Paramedic Nat

A Blog About My Mental Health Journey



Ugh, Insomnia


Dear Insomnia,

I know you keep trying to be friends with me, but it’s just not going to work out. You see, I’m tired. Even though you try to trick me into thinking that waking up at 2:30 am every day is the ‘cool thing to do’, I know it’s not. Insomnia, it’s dark out, that means I should be asleep, but you never seem to care about that, it’s always ‘insomnia, insomnia, insomnia’. Selfish. How about we try to make a deal – you let me sleep for just one solid night each week, and in return I will not get so frustrated when you creep into my sleep-world at an unGodly hour of the morning on the other six nights of the week.

How wonderful it would be to have a good night sleep! I hate doing the Navy Seal roll through the sleeping animals on my bed in order to find my phone while praying that it will say something like 6:30 am, only to find time and time again that it says 2:30am. Walter and Lollers are snoring away – phew. My strategic roll through the blankets didn’t wake them up – that’s good. So I’m going try to say farewell to you for the night.

Please stop trying to be my friend,

Natalie (a.k.a. exhausted)

Crying Is OK. PTSD Sucks

On this episode of BrainStorm: Sometimes reminiscing about working as a Paramedic brings sadness, and crying, its ok, but PTSD sucks. 



Daily Lessons from Save My Life School: Here

Save My Life School: Here


BrainStorm by Natalie Harris is proudly produced by

Looking To Smash A Broken Record


I’m still searching for some meaning here. I’ve been ‘here’ before – figuratively and literally. I’m at Save-My-Life Summer School, where I hope to bump up my grades. “What grades?”, you may be asking. Well, my grades in coping with life and PTSD symptoms. I’m so grateful, don’t get me wrong. Like SO grateful. But no matter how you look at it, summer school sort of sucks.

I have a feeling that I will have a breakthrough – but alas, it’s only day three for God’s sake. I need to be a bit gentler on myself.

I actually bored of writing right now. No epiphanies to share. I’m numb. Completely numb. Like a robot walking the halls, emotionless and cold. I wish I had some feeling of connection to this life beyond being a mom; that connection is inherent. I mean a connection to a person or an experience. A connection to a feeling.

There were lots of spiders outside this morning. One even crawled onto my hand. A baby one. I passed it to my neighbour and he passed it to his. Without words, just passing spiders so delicately, like balancing a fragile egg on our finger nails, fearful that it would fall. It was moved safely to the seat beside us to go on with it’s merry day. It’s funny how none of us even came close to killing it. We’ve experienced enough trauma that even killing a spider is too much to bear. Well at least that’s my view of the experience.

I get so tired of feeling like a skipping record when I share what feels like the same story over and over with yet another nurse or doctor. I’m grateful – but I’m tired. The skipping record laughs at me and taunts me. Just when I think I’ve reached the end of the damn record, it skips and starts again. I wish I could just smash that record! Smash it into smithereens. Jump on it and scream for it to never play again. The pieces wouldn’t even deserve to be swept up. They don’t deserve my attention anymore. They don’t deserve my breath, my energy, my time. And I don’t deserve to be a broken record. Maybe I will smash it over the next eight weeks. It would feel so wonderful to have a different story. This one seems so pointless now.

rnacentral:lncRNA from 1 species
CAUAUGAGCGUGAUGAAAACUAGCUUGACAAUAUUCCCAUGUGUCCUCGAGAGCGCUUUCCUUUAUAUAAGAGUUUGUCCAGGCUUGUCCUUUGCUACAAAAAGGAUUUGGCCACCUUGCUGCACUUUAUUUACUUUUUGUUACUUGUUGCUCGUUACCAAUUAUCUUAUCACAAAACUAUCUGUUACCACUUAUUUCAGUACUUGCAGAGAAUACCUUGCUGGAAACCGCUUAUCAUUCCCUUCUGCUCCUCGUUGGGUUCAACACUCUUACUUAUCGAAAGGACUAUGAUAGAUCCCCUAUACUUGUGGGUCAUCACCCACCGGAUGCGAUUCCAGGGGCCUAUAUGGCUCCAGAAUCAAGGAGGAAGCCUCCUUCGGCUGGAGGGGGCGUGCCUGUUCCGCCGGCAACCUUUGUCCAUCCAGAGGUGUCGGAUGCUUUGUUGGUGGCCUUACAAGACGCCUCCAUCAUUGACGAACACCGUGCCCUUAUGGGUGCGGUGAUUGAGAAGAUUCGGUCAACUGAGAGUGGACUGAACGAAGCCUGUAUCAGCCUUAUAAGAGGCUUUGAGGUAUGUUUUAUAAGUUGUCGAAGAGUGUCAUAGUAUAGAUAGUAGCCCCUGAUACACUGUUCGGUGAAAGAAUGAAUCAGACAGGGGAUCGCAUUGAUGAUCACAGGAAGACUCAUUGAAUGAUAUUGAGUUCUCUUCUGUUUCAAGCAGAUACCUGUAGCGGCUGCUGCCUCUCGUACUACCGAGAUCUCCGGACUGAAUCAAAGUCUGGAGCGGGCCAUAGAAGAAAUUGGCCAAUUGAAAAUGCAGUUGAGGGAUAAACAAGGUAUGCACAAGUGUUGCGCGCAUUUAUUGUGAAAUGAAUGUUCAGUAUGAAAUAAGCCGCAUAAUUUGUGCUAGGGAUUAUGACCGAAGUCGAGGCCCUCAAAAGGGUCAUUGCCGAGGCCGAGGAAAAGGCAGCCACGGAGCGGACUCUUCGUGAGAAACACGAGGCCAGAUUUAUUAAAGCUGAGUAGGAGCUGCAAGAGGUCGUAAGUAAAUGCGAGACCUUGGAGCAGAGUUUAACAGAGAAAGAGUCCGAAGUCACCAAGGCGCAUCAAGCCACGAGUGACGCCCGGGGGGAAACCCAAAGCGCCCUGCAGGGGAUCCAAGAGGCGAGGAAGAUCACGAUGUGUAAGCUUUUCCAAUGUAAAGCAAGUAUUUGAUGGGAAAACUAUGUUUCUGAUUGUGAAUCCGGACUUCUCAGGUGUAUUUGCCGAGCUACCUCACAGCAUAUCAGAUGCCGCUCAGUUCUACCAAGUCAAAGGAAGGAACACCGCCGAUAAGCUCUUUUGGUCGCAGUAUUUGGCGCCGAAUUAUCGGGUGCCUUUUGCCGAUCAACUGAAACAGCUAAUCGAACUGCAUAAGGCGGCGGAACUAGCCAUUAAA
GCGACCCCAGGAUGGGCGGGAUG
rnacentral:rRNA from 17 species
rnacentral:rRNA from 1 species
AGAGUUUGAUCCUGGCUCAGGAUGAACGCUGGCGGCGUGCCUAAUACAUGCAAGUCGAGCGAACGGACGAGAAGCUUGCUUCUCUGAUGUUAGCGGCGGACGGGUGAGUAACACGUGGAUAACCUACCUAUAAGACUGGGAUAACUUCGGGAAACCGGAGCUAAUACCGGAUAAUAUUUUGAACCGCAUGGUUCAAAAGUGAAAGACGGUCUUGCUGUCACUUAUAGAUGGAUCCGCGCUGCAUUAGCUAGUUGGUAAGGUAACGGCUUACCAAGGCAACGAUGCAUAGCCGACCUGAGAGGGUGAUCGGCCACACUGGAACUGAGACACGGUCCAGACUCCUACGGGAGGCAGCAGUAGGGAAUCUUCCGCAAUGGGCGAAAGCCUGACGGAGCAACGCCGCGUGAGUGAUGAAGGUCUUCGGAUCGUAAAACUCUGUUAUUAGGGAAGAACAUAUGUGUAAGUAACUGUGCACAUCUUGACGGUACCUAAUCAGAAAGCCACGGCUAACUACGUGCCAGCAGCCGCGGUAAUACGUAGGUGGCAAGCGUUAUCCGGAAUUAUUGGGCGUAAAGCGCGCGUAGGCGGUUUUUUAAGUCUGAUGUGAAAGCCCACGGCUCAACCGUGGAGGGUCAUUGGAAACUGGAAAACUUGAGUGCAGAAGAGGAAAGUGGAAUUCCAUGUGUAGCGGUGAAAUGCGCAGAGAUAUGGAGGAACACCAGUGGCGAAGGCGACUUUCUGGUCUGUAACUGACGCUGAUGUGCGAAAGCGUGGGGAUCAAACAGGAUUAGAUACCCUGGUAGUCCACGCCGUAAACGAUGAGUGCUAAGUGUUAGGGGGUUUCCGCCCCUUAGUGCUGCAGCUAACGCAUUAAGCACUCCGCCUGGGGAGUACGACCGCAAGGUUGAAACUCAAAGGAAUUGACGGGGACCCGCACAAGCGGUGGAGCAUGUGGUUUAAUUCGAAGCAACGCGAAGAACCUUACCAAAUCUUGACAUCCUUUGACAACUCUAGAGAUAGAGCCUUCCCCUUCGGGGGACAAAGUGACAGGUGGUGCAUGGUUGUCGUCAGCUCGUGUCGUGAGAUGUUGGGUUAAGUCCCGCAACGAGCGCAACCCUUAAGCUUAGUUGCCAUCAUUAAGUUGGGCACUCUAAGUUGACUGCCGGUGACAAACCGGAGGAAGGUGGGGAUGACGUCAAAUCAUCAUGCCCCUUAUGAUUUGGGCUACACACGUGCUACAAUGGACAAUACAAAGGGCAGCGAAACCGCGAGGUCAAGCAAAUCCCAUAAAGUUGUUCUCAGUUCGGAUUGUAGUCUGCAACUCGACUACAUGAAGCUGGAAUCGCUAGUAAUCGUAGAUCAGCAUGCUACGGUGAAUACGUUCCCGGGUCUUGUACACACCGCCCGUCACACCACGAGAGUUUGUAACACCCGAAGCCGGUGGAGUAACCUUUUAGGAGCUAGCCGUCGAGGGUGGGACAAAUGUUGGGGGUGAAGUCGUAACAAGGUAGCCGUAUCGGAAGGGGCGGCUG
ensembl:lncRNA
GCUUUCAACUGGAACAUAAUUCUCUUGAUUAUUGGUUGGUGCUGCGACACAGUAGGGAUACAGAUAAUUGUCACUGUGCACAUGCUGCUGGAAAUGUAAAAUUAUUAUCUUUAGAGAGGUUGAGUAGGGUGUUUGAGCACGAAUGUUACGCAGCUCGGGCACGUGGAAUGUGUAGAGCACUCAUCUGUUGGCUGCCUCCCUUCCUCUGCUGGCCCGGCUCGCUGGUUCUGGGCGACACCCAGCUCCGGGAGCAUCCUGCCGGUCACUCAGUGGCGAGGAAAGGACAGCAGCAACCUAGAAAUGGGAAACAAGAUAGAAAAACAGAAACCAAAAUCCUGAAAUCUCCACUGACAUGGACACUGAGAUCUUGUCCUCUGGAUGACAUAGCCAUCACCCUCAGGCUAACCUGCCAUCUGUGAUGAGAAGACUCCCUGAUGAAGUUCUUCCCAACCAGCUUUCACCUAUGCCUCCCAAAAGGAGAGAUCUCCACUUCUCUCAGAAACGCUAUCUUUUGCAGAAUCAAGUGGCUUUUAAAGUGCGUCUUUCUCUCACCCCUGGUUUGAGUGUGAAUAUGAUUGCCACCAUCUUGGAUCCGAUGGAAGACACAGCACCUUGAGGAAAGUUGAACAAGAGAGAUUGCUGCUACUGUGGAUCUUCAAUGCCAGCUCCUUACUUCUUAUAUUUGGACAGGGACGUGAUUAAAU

Happiness Eclipse (A Tribute to Suicide Awareness Month)


Have you ever noticed how the most fragile and rare things are often the most beautiful? And have you ever noticed how their beauty often vanishes into the invisible abyss of atoms and time before they can ever truly be enjoyed? A snowflake, a dandelion seed, lightening, innocence – in all of a moment – they vanish. Happiness fits into this category of beauty for me.

I get frustrated with how happiness and my personal life seem to exist in separate orbits. Rarely eclipsing one another, but when it happens, like all phenomenons, it inevitably comes to an end. Watching this eclipse also my eyes to burn and tears to flow, especially when I see the orbit of happiness leaving, knowing that it will be a while until it returns.

Everywhere I go, I’m there. I can’t escape the sadness my mind simmers in so often. My mind’s inability to practice gratitude elicits enormous levels of guilt. And I know full well that guilt is a useless emotion – and that it only brings more pain. But still I feel guilt’s heavy dagger pierce my heart when I see the sunrise and simultaneously need to fight to see the beauty in it. I should be able to see the beauty in it. Why can’t I see the beauty in it?

September is Suicide Awareness Month, and I will endeavour to continue to share what it’s like to be in the mind of someone who has battled with suicidal thoughts and attempts. Don’t worry – I’m safe. But I feel it is necessary to continue this dark and often confusing conversation so that those who don’t understand, can; even if in the smallest way.

BrainStorm Bonus Episode – Learning How To Make Healthy Boundaries Using “The Four Agreements”

On this bonus episode:

-I share how I use “The Four Agreements”, by author Don Miguel Ruiz, to help me form healthy boundaries in my recovery,
-How to cope with negative support,
-and Lollers finds Walter’s bone. 🙂

I have a new book coming out that you can preorder here.

Busy and Bored